What You Need To Know About The Final Rule On OSHA Eye/Face Protection
For employers in construction and general industry, it’s important to note that your safety programs needed to reflect OSHA eye/face protection standards as of April 25, 2016.
The Occupational Safety and Health Administration’s final rule reflects updated national consensus standards to ensure workers have access to the most up-to-date eye and face personal protective equipment (PPE).
Updated General Industry Standards For Eye And Face Protection
The Occupational Safety and Health Standard for Personal Protective Equipment, Eye and Face Protection covered under General Industry, 1910.133 has been updated to delete and replace the ANSI standard reference ANSI Z87.1-1989 with an updated consensus standard, ANSI/ISEA Z87.1-2010. The Occupational and Educational Personal Eye and Face Protection Devices standard helps employers select eye and face PPE based on requirements for use, testing, and maintenance of equipment that protects against eye and face injuries from impact, chemical exposure, and non-ionizing radiation.
References to previous ANSI standards, ANSI Z87.1-2003 and ANSI Z87.1-1989 (R-1998) remain in the OSHA rule, giving employers the option to use eye and face protection devices that comply with any one of the consensus standards. Alternatively, employers may use different protection devices if they can demonstrate they are “at least as effective” as those recommended in one of the three ANSI standards incorporated by reference.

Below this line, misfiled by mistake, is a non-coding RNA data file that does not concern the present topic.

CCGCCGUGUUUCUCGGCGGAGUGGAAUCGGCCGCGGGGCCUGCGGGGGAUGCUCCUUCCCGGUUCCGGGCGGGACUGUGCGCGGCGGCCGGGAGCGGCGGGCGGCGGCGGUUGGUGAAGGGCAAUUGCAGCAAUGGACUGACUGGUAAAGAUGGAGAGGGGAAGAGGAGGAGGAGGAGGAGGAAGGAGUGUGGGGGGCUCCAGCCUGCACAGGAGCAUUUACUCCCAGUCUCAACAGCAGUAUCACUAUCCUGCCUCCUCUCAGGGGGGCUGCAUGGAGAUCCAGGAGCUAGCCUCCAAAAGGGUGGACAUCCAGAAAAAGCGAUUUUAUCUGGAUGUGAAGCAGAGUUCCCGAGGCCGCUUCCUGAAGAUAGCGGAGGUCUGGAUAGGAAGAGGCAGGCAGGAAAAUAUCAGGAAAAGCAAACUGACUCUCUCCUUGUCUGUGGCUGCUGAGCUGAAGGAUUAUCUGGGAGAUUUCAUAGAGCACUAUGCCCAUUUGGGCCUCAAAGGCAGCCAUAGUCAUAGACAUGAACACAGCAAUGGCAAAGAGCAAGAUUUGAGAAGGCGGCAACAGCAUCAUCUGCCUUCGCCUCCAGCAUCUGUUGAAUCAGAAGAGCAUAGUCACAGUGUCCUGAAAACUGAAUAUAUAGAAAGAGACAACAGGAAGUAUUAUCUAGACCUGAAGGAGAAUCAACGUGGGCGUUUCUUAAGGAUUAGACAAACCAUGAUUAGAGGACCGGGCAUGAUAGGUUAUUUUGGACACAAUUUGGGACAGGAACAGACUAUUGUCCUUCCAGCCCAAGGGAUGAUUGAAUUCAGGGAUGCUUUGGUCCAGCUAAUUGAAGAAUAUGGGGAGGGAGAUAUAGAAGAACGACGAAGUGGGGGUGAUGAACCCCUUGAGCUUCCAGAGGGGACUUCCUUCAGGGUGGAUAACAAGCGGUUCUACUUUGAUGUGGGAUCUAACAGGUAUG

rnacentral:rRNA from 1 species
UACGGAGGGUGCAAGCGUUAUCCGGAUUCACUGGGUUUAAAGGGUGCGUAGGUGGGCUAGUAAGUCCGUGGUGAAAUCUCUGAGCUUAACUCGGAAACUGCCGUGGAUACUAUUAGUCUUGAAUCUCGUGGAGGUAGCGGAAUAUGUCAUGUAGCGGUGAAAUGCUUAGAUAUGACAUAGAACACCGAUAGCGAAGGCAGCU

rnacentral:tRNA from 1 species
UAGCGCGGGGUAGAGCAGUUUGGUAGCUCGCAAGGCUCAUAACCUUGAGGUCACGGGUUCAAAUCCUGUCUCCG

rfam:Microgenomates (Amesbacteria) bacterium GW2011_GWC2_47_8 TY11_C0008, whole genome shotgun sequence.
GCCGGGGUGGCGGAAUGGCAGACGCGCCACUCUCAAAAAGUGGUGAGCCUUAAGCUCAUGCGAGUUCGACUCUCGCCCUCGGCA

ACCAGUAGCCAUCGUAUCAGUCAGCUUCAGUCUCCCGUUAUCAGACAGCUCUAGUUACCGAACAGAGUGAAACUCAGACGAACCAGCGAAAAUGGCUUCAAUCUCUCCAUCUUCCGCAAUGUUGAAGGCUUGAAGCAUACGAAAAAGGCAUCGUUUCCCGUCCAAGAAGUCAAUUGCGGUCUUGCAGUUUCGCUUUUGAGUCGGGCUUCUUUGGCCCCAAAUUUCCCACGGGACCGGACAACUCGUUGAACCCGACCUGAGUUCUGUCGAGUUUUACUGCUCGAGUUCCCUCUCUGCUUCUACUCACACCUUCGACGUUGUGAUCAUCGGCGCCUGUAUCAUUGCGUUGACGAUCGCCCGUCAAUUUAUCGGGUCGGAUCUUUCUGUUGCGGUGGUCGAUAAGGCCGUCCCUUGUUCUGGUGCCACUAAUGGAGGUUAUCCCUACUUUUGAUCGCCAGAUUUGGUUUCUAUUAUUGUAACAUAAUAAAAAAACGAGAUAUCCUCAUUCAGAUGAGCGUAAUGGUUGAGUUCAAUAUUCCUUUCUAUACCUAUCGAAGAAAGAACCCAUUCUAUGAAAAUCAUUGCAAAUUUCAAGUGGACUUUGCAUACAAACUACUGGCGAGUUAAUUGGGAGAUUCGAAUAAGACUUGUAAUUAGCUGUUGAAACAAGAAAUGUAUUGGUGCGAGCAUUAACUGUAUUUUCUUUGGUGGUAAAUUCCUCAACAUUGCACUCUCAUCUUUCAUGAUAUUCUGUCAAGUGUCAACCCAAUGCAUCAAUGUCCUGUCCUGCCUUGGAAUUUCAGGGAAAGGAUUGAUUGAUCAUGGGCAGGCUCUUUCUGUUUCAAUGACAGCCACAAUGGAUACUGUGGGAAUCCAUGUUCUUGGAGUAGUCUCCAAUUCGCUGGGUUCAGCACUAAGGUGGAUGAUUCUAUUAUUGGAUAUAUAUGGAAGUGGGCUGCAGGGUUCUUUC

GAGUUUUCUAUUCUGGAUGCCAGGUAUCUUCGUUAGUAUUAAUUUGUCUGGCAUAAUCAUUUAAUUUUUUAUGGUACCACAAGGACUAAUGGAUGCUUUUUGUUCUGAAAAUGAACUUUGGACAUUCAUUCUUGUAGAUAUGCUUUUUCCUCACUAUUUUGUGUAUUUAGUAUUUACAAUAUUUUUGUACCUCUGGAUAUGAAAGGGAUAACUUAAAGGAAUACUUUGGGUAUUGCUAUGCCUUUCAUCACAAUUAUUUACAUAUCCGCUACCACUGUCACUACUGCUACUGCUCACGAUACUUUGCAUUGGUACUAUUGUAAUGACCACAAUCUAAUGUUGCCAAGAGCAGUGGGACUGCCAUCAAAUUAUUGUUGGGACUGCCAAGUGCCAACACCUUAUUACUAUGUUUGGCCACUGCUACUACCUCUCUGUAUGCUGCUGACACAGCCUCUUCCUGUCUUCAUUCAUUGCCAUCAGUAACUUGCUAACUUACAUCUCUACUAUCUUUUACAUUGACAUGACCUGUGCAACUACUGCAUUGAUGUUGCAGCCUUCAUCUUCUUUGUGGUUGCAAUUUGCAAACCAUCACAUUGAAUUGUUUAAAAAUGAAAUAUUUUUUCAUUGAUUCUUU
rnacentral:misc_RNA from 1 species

OSHA believes that PPE meeting the ANSI 2010 standard is already available on the market and in use by most employers, and that the standard is “not less protective” than prior versions. Amending the OSHA standard allows for the use of up-to-date protection.
Updated Construction Standards For Eye And Face Protection
Employers in the construction industry who are currently covered by OSHA standard 1926.102 for Eye and Face Protection will notice a more significant change to ANSI standards.
The current ANSI Z87.1-1968 standard, incorporated by reference, will be deleted and replaced by the same three consensus standards used in the general industry rule, 1910.103. These include ANSI/ISEA Z87.1-2010, ANSI Z87.1-2003 and ANSI Z87.1-1989 (R-1998), and like the general industry standard, the construction industry will be able to select PPE that complies with one of these standards, or that can be demonstrated at least as effective.
Further, certain language in the OSHA construction standard is being modified to match that in the general industry standard, although certain provisions specific to the construction industry will remain unchanged.
What Do These Changes Mean For Your Business?
In all likelihood, not much. OSHA confirmed that businesses would not be required to replace protective equipment based on this rule, and that there are no new compliance obligations. The rule simply updates the OSHA standards with the most current national industry standards to ensure employers have up-to-date guidelines for selecting and using eye and face protection.